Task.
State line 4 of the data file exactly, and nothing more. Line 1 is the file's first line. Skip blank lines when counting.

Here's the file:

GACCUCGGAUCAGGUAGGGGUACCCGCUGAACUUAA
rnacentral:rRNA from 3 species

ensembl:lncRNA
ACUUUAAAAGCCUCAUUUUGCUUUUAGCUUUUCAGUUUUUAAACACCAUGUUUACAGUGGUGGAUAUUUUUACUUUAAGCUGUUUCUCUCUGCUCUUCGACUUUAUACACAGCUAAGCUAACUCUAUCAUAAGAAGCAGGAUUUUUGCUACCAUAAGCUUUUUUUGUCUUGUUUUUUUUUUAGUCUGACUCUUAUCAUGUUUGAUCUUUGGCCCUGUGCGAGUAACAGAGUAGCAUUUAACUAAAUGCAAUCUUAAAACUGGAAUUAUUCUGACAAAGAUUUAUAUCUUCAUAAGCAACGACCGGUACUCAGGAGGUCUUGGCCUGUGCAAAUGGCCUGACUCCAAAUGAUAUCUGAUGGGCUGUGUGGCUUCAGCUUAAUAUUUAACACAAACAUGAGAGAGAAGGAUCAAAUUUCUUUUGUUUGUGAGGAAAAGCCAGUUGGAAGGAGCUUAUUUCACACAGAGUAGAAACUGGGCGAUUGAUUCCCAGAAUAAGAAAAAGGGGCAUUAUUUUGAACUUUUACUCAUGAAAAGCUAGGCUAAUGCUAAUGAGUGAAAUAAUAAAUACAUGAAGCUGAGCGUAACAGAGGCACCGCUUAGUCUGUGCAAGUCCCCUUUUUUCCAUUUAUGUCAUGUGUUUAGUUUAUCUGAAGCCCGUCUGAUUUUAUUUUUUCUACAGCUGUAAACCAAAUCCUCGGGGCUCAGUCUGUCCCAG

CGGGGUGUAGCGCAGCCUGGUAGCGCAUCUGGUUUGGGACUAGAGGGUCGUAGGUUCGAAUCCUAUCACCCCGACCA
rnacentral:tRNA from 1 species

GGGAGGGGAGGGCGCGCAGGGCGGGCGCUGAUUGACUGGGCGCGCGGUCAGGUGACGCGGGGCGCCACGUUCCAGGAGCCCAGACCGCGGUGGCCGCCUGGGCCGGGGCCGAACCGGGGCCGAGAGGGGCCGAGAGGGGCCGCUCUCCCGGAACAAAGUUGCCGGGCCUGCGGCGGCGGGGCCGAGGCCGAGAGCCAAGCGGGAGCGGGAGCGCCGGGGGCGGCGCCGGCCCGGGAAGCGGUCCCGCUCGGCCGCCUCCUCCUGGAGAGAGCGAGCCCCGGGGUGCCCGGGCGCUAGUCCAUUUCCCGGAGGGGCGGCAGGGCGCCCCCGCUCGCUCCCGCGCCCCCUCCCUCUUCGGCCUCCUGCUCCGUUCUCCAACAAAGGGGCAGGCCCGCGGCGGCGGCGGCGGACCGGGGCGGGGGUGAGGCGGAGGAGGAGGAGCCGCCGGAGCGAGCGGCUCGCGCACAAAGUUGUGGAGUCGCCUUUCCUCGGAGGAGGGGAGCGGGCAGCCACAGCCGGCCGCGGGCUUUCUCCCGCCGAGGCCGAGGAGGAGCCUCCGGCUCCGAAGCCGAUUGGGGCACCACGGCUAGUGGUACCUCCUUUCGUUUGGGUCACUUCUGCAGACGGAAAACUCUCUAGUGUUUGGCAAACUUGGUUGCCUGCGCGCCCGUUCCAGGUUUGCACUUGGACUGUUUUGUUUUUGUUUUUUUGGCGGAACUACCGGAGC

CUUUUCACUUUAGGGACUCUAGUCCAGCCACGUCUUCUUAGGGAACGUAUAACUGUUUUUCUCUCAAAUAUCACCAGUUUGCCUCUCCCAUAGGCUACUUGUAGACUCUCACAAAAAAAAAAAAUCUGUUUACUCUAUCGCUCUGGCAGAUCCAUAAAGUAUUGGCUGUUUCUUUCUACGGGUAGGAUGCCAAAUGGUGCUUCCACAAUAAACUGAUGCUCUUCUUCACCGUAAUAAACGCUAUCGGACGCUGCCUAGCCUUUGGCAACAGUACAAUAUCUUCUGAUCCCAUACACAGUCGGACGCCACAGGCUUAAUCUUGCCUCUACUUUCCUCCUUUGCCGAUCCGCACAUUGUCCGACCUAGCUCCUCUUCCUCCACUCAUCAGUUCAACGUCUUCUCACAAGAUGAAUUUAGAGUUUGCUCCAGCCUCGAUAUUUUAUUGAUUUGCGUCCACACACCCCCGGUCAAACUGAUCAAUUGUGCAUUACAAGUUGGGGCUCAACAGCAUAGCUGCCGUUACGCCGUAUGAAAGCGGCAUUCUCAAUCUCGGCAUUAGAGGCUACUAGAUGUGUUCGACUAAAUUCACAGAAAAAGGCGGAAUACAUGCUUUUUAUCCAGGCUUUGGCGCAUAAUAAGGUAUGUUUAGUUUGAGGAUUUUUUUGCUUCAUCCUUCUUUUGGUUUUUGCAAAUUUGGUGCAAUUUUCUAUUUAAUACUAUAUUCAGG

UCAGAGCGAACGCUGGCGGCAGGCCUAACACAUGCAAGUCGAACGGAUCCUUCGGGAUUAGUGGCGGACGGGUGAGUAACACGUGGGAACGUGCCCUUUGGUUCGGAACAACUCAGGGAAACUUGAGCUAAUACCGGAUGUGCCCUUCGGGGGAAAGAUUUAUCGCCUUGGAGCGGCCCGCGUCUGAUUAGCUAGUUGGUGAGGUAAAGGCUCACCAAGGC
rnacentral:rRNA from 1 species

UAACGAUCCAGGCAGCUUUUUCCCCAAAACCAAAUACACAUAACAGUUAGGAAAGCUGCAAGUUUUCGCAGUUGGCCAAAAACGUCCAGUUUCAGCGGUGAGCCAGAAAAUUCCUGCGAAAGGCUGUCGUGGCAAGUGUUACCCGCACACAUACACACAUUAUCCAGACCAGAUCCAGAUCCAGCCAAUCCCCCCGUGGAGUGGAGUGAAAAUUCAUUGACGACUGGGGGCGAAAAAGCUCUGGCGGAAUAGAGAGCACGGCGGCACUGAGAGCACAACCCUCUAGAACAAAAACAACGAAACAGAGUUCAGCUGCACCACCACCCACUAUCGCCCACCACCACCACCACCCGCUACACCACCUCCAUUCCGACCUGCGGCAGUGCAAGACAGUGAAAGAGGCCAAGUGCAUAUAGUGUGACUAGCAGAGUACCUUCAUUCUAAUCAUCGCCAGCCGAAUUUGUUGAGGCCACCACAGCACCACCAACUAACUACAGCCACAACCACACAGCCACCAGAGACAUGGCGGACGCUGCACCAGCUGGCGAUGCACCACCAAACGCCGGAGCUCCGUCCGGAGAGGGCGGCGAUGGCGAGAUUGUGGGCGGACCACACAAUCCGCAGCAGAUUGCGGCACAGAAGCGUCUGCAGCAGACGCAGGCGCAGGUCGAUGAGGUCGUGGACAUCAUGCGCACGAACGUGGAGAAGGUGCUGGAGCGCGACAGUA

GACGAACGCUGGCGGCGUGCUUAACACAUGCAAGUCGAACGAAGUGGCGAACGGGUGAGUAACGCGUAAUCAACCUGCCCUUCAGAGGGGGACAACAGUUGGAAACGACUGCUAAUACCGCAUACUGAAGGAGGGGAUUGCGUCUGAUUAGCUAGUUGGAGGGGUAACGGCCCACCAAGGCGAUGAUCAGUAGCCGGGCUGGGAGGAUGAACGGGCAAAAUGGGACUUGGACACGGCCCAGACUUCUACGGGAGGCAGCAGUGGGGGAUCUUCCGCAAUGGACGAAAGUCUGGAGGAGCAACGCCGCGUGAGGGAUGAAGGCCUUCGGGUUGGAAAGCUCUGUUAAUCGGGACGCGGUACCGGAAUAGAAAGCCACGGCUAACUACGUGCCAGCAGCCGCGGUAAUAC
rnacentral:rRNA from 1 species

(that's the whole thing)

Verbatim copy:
ACUUUAAAAGCCUCAUUUUGCUUUUAGCUUUUCAGUUUUUAAACACCAUGUUUACAGUGGUGGAUAUUUUUACUUUAAGCUGUUUCUCUCUGCUCUUCGACUUUAUACACAGCUAAGCUAACUCUAUCAUAAGAAGCAGGAUUUUUGCUACCAUAAGCUUUUUUUGUCUUGUUUUUUUUUUAGUCUGACUCUUAUCAUGUUUGAUCUUUGGCCCUGUGCGAGUAACAGAGUAGCAUUUAACUAAAUGCAAUCUUAAAACUGGAAUUAUUCUGACAAAGAUUUAUAUCUUCAUAAGCAACGACCGGUACUCAGGAGGUCUUGGCCUGUGCAAAUGGCCUGACUCCAAAUGAUAUCUGAUGGGCUGUGUGGCUUCAGCUUAAUAUUUAACACAAACAUGAGAGAGAAGGAUCAAAUUUCUUUUGUUUGUGAGGAAAAGCCAGUUGGAAGGAGCUUAUUUCACACAGAGUAGAAACUGGGCGAUUGAUUCCCAGAAUAAGAAAAAGGGGCAUUAUUUUGAACUUUUACUCAUGAAAAGCUAGGCUAAUGCUAAUGAGUGAAAUAAUAAAUACAUGAAGCUGAGCGUAACAGAGGCACCGCUUAGUCUGUGCAAGUCCCCUUUUUUCCAUUUAUGUCAUGUGUUUAGUUUAUCUGAAGCCCGUCUGAUUUUAUUUUUUCUACAGCUGUAAACCAAAUCCUCGGGGCUCAGUCUGUCCCAG